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Poll
Question: If you were  not an Orthodox Christian, which faith do you think you would be?
Catholic - 57 (39.9%)
Evangelical Protestant - 4 (2.8%)
not very liturgical Liberal Protestant - 2 (1.4%)
Protestant with more of a liturgical bent - 18 (12.6%)
Atheist - 9 (6.3%)
Jew - 11 (7.7%)
Muslim - 9 (6.3%)
Other - 33 (23.1%)
Total Voters: 143

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« Reply #135 on: December 01, 2007, 11:08:42 PM »

If i wasn't Orthodox my first choice would have been Shia Islam, the 2nd choice Catholic,and the 3rd choice world have been Judaism.
 
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« Reply #136 on: December 01, 2007, 11:36:17 PM »

If i wasn't Orthodox my first choice would have been Shia Islam, the 2nd choice Catholic,and the 3rd choice world have been Judaism.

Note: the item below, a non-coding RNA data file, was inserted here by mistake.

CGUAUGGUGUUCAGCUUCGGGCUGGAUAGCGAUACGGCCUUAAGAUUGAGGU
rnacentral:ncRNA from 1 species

As a general question, I don't know why Shia Islam would be preferred over Sunni Islam. Also, there are of course, three branches of Judaism: Orthodox, Conservative and Reformed.
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« Reply #137 on: December 02, 2007, 01:26:18 AM »

Right. This is what I think also. It was surprising to me that people would choose atheism over a different Christian denomination.
I was running out of gas and on my last "fumes" as an evangelical. I doubt I would be Christian if I had not found Orthodoxy. So, if I couldn't be Orthodox, I couldn't go back to something that couldn't sustain me.

Although maybe, a tiny maybe, but maybe, I could be in some kind of 'emergent Christianity" type church - but it would probably be as much for the music and power point presentations as the doctrine. But I do like alot of what they are trying to get at - however, I read their stuff and just sigh and say, "read the Fathers and you wouldn't have to try and re-invent everything - this was examined 1200 - 1800 years ago,"